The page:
Part 1
The First 3 Months

The history of Brick Yourself is perhaps relatively brief but despite this its short life has been punctuated by a series of exciting, innovative and inventive moments which it is my pleasure to share here.

After only a year and a half, it’s already difficult to imagine a world without Brick Yourself. The idea has already been cloned overseas (however poorly) and the whole concept seems to be riding to further prominence on the back of the great Lego growth wave which is currently sweeping in cascading torrents over the global marketplace.

From my own point of view since this has been such a dominating force in my own life for a solid 18 months it does become difficult to imagine life without Lego design but I guess it’s a pretty skewed perspective.

Nevertheless such a time did certainly and to properly retell the Brick Yourself story we need to begin before the beginning.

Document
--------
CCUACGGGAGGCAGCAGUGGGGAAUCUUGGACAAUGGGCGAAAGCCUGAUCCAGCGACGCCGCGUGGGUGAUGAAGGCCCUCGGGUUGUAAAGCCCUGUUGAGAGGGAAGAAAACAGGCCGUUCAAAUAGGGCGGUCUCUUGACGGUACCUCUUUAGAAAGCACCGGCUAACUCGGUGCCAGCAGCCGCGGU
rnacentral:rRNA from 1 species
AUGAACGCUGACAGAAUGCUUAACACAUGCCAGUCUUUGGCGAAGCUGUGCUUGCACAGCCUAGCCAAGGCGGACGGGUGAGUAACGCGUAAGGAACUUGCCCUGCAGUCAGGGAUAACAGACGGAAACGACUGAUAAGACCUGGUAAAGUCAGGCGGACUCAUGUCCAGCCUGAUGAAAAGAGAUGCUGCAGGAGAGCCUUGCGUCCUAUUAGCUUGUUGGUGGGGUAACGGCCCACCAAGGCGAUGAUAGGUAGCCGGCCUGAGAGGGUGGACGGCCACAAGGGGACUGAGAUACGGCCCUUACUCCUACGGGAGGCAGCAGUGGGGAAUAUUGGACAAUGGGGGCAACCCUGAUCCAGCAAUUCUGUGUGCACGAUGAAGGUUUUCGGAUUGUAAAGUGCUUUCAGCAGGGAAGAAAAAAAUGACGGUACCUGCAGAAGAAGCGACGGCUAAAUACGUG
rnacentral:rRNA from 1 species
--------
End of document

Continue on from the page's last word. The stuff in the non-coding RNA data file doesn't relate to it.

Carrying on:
Looking back it has already been an amazing adventure and I feel compelled to share the story that has been told so far with you if you’re not aware of it so far.


A Time Before Brick Yourself

Looking back over the last 18 months it’s safe to say that the Brick Yourself experience has already been one amazing adventure. It’s a story I feel compelled to share with you but just before we come to that, some background about me and Lego design.Like many Lego designers I began playing with Lego at an early age and then picked it up later as an adult.

To put it simply, my love of Lego was powerful as a child and hasn’t really diminished as I’ve returned to it as an adult. 

Like many adult Lego enthusiasts (AFOL’s) my attention was brought back to Lego when the Star Wars range was first released and haven’t really looked back. Small original designs that I sold online helped pay for the collection I began to amass and in 2010 I attempted to go professional with a business called Brickaholic Productions which specialised in designing small sets and figures based on pop culture, primarily with Lord of the Rings custom sets as the official Lord of the Rings range had yet to be released by the Lego Group. 

The Lord of the Rings fellowship characters in Moria: Balin’s Tomb, the largest set I designed for mass production at about 1600 pieces.